Asphalt or concrete for your home depends on climate. Asphalt works well in moderate climes since heat makes it mushy and sticky in summer. The black color of asphalt makes it more susceptible to damage in hot weather.
As asphalt shrinks and expands, it bends and cracks. Concrete heaves and cracks more than asphalt in the high cold.
If not maintained, salt used to melt ice on concrete can develop pits, stains, and other discoloration. Concrete melts snow slower than asphalt because it's cooler.
Before choosing asphalt or concrete, consider your local weather.
Asphalt works well in mild climates, but concrete should not be laid in colder climates without expensive safeguards. In warmer climates, severe heat can distort asphalt roads.
You may choose the best paving material with proper planning.
Every few years, asphalt needs to be sealed with asphalt sealant, but concrete stains more easily.
Sealing asphalt driveways every few years protects them and extends their lifespan. Most homeowners can easily seal their driveways with hot asphalt sealer.
On a clean, dry road, pour and squeegee the sealer. Sealing concrete driveways is optional, but it preserves colored pads.
Asphalt is darker and matte, so it hides stains better than concrete. Both can accumulate dirt and engine oil if not cleaned and degreased regularly.
Concrete marks are easier to notice than asphalt marks, but regular care should avoid stains and discoloration and maintain your driveway in good condition. Hence, regardless of the material, driveways must be cleaned and oiled periodically to last.
Asphalt driveways and sidewalks are cheap and easy to repair, thanks to the lower labor costs involved. Concrete is stronger yet difficult to repair.
Asphalt wears down faster than concrete since it's softer and more susceptible to harm for longer. Asphalt crack repairs are easier than concrete ones.
Sadly, this implies damage must be repaired more regularly if not immediately.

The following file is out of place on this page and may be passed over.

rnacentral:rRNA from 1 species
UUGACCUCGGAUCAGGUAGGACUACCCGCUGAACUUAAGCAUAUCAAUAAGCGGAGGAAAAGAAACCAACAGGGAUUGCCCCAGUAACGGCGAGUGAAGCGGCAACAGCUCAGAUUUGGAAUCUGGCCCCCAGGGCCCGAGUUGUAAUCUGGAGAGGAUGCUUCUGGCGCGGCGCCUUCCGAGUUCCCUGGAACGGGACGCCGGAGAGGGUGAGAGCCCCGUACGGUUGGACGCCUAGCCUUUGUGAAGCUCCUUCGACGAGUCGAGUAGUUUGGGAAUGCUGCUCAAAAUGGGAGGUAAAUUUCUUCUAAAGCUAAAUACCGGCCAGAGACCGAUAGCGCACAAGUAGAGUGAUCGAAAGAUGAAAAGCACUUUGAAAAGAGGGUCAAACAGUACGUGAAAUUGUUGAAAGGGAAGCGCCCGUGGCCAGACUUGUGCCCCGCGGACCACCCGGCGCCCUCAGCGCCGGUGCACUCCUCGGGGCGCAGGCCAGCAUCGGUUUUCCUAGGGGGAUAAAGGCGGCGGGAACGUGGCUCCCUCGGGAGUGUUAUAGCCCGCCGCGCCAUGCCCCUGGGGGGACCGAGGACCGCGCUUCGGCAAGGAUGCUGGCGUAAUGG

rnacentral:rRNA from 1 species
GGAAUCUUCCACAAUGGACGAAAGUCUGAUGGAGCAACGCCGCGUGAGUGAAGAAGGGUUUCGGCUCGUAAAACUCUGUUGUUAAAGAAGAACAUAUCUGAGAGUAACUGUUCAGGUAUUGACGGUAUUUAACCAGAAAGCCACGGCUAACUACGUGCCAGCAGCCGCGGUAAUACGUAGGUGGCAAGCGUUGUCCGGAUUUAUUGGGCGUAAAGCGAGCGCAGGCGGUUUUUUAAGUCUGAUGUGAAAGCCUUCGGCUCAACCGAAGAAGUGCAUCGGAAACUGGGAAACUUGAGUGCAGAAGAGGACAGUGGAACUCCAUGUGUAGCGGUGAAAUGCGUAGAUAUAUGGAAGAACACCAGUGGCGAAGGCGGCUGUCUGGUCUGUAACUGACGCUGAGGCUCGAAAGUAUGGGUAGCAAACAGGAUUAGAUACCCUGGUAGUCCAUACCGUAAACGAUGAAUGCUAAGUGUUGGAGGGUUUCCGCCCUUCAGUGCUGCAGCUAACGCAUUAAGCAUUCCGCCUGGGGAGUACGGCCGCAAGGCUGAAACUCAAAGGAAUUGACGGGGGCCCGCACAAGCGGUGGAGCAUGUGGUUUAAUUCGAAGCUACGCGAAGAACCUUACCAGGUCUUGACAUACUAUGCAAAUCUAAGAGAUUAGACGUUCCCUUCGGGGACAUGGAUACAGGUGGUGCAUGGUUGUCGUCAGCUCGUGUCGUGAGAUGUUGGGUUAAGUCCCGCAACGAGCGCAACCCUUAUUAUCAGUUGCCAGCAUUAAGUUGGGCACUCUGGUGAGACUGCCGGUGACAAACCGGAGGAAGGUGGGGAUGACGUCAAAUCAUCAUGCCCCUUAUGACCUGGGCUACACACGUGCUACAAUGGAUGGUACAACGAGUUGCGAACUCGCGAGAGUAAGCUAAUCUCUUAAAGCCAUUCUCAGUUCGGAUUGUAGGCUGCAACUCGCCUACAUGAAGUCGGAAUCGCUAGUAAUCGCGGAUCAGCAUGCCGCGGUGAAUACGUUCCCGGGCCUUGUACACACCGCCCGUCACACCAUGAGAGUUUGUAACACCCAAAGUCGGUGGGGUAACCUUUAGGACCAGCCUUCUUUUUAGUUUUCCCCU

Crack filler and patching material can make asphalt repairs look seamless. An asphalt seal coat can even repair sun-damaged or cracked streets. Use more materials to repair concrete fractures.
This makes hiding repairs tougher. Resurfacing the concrete may be necessary to hide the patches after filling them.
Asphalt driveways are popular due to their cost, durability, and variety of colors and patterns. Despite these benefits, asphalt does require periodic maintenance in order to look its best and last as long as possible.
Asphalt cracks more easily than concrete due to severe temperatures or sinking ground. It's softer than concrete and less elastic.
Asphalt driveway repairs are simple. Sealants can stop water from entering earth structures through cracks.
Re-bedding potholes helps strengthen the surface. If there's oxidation or fading, add a new sealant or a driveway resurfacing product.
Installing a concrete driveway takes longer to cure properly. Concrete driveways must be used one week after installation, unlike asphalt ones. A freshly laid concrete driveway should not be used for at least 7 days due to weather and concrete mix issues.
Concrete driveways are strong after curing. With frequent sealing and repairing, they can last over 25 years with minimal maintenance.
Asphalt driveways have become increasingly popular among homeowners for their aesthetic appeal, ease of installation, and durability. While concrete driveways offer more decorative options and tend to last longer, asphalt is a more affordable and practical choice for those living in moderate climates.
When it comes to maintenance and repair, asphalt requires more frequent attention than concrete, but repairs are relatively straightforward and can help prolong the lifespan of the driveway.
Ultimately, the choice between asphalt and concrete will depend on a variety of factors, including climate, budget, and personal preferences.
By carefully evaluating these factors and weighing the pros and cons of each material, homeowners can make an informed decision about which one is right for their home.
If you're in Harrisburg, PA, and looking for the best option for homeowners when it comes to blacktop driveways and asphalt repair, look no further than Nathan's Paving. Our team of experienced asphalt contractors has been serving the area for years and is dedicated to providing top-quality services for all your residential driveway needs.
Contact us today to schedule a consultation and see why we are one of the leading asphalt driveway companies in Harrisburg. Choose Nathan's Paving for a beautiful and functional driveway that will last for years to come.